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Manufacturers preparing to decrease production in second quarter

OTTAWA, Ont. -- Truck freight volumes could dip in the second quarter as manufacturers concerned with lower levels...


OTTAWA, Ont. — Truck freight volumes could dip in the second quarter as manufacturers concerned with lower levels of new and unfilled orders prepare to decrease production levels.

The growing pessimistic mood among manufacturers was noted in Statistics Canada’s quarterly Business Conditions Survey, published today. Almost 4,000 responded to the voluntary survey, which requests manufacturers’ opinions on production impediments, finished product inventory levels, new and unfilled order levels, production and employment prospects in the coming three months.

Key factors influencing the manufacturers’ intentions this quarter include global uncertainty and the appreciation of the Canadian dollar which makes exports to the U.S. market less appealing.

In April, 31% of manufacturers stated they would decrease production in the second quarter, while only 19% expected to increase production, leaving the balance of opinion at -12. In addition, 12 of the 21 major industry groupings, representing 60% of manufacturing shipments, indicated a negative outlook for the second quarter of 2003.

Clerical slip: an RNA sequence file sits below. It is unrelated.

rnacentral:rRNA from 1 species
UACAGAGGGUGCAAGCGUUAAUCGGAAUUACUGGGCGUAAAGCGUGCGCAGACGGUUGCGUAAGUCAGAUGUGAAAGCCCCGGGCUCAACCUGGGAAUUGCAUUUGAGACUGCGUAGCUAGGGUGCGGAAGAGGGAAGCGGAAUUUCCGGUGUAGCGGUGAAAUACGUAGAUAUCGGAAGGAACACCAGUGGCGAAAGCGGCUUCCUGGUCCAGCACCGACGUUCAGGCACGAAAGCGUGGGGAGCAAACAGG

Producers in the transportation equipment, computer and electronic product and primary metal industries were the major contributors to the 21-point drop in the balance of opinion from January. This is the largest balance decrease since a 31-point drop in January 2001.

The balance of opinion is determined by subtracting the proportion of manufacturers that stated production would decrease in the coming three months from the proportion who stated production would be increasing.

More than a quarter of manufacturers (26%) responding to Statistics Canada’s quarterly Business Conditions Survey said their level of unfilled orders was lower than normal and only 7% said it was higher than normal.

Of the 21 major industry groupings, 18 said unfilled order levels were lower, led by the transportation equipment, computer and electronic product, primary metals and fabricated metal product industries.

Orders received is also becoming a concern. The number of manufacturers who stated that orders were declining went from 14% in January to 26% in April. Again, producers in the transportation equipment, computer and electronic product, primary metals and fabricated metal product industries were the major contributors to the drop in the balance.

Sixteen percent of manufacturers felt their inventories were too high, while 3% said inventories were too low.


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